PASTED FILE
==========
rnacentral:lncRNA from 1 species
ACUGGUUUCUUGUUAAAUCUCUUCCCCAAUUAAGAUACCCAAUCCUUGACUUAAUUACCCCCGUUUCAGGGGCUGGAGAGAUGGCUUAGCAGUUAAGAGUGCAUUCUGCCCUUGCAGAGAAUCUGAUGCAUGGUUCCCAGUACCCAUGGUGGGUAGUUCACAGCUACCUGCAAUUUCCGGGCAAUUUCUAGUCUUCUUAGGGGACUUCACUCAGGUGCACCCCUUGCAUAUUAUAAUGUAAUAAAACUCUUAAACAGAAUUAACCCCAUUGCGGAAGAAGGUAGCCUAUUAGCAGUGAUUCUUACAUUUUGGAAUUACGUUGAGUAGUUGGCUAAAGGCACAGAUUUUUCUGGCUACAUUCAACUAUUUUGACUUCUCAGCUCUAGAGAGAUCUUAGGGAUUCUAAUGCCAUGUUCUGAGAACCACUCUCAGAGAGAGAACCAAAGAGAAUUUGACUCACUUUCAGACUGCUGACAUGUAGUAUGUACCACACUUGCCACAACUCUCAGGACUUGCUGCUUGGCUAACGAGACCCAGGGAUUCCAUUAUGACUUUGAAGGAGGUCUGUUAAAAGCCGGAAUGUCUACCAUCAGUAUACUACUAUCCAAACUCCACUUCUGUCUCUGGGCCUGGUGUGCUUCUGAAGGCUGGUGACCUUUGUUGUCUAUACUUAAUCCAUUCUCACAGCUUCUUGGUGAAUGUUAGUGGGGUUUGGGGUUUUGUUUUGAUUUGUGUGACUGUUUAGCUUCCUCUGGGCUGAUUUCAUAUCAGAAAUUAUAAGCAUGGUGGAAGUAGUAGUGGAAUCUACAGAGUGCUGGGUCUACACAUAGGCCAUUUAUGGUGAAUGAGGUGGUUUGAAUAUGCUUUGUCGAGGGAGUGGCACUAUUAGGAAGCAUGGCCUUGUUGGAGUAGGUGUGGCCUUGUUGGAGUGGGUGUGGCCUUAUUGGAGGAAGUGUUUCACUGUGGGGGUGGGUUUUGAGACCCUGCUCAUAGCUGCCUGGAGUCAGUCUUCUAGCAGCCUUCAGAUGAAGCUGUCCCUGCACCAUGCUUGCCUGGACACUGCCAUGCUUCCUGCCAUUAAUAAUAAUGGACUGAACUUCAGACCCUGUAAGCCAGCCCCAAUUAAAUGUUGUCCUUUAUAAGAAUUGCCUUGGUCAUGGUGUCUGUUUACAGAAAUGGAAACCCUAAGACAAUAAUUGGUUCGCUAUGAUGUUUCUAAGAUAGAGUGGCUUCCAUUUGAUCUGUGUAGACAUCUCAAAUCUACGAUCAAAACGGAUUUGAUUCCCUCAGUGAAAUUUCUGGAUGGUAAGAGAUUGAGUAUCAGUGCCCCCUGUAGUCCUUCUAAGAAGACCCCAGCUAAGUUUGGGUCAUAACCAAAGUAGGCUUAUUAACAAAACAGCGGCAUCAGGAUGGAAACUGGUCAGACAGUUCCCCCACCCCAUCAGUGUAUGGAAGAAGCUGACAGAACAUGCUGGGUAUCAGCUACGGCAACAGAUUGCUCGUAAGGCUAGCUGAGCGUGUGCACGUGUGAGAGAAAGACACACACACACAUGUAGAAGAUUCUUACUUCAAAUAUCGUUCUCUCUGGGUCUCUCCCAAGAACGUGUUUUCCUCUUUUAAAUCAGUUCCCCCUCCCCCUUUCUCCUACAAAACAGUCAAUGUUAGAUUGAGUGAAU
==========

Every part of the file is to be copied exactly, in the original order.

rnacentral:lncRNA from 1 species
ACUGGUUUCUUGUUAAAUCUCUUCCCCAAUUAAGAUACCCAAUCCUUGACUUAAUUACCCCCGUUUCAGGGGCUGGAGAGAUGGCUUAGCAGUUAAGAGUGCAUUCUGCCCUUGCAGAGAAUCUGAUGCAUGGUUCCCAGUACCCAUGGUGGGUAGUUCACAGCUACCUGCAAUUUCCGGGCAAUUUCUAGUCUUCUUAGGGGACUUCACUCAGGUGCACCCCUUGCAUAUUAUAAUGUAAUAAAACUCUUAAACAGAAUUAACCCCAUUGCGGAAGAAGGUAGCCUAUUAGCAGUGAUUCUUACAUUUUGGAAUUACGUUGAGUAGUUGGCUAAAGGCACAGAUUUUUCUGGCUACAUUCAACUAUUUUGACUUCUCAGCUCUAGAGAGAUCUUAGGGAUUCUAAUGCCAUGUUCUGAGAACCACUCUCAGAGAGAGAACCAAAGAGAAUUUGACUCACUUUCAGACUGCUGACAUGUAGUAUGUACCACACUUGCCACAACUCUCAGGACUUGCUGCUUGGCUAACGAGACCCAGGGAUUCCAUUAUGACUUUGAAGGAGGUCUGUUAAAAGCCGGAAUGUCUACCAUCAGUAUACUACUAUCCAAACUCCACUUCUGUCUCUGGGCCUGGUGUGCUUCUGAAGGCUGGUGACCUUUGUUGUCUAUACUUAAUCCAUUCUCACAGCUUCUUGGUGAAUGUUAGUGGGGUUUGGGGUUUUGUUUUGAUUUGUGUGACUGUUUAGCUUCCUCUGGGCUGAUUUCAUAUCAGAAAUUAUAAGCAUGGUGGAAGUAGUAGUGGAAUCUACAGAGUGCUGGGUCUACACAUAGGCCAUUUAUGGUGAAUGAGGUGGUUUGAAUAUGCUUUGUCGAGGGAGUGGCACUAUUAGGAAGCAUGGCCUUGUUGGAGUAGGUGUGGCCUUGUUGGAGUGGGUGUGGCCUUAUUGGAGGAAGUGUUUCACUGUGGGGGUGGGUUUUGAGACCCUGCUCAUAGCUGCCUGGAGUCAGUCUUCUAGCAGCCUUCAGAUGAAGCUGUCCCUGCACCAUGCUUGCCUGGACACUGCCAUGCUUCCUGCCAUUAAUAAUAAUGGACUGAACUUCAGACCCUGUAAGCCAGCCCCAAUUAAAUGUUGUCCUUUAUAAGAAUUGCCUUGGUCAUGGUGUCUGUUUACAGAAAUGGAAACCCUAAGACAAUAAUUGGUUCGCUAUGAUGUUUCUAAGAUAGAGUGGCUUCCAUUUGAUCUGUGUAGACAUCUCAAAUCUACGAUCAAAACGGAUUUGAUUCCCUCAGUGAAAUUUCUGGAUGGUAAGAGAUUGAGUAUCAGUGCCCCCUGUAGUCCUUCUAAGAAGACCCCAGCUAAGUUUGGGUCAUAACCAAAGUAGGCUUAUUAACAAAACAGCGGCAUCAGGAUGGAAACUGGUCAGACAGUUCCCCCACCCCAUCAGUGUAUGGAAGAAGCUGACAGAACAUGCUGGGUAUCAGCUACGGCAACAGAUUGCUCGUAAGGCUAGCUGAGCGUGUGCACGUGUGAGAGAAAGACACACACACACAUGUAGAAGAUUCUUACUUCAAAUAUCGUUCUCUCUGGGUCUCUCCCAAGAACGUGUUUUCCUCUUUUAAAUCAGUUCCCCCUCCCCCUUUCUCCUACAAAACAGUCAAUGUUAGAUUGAGUGAAU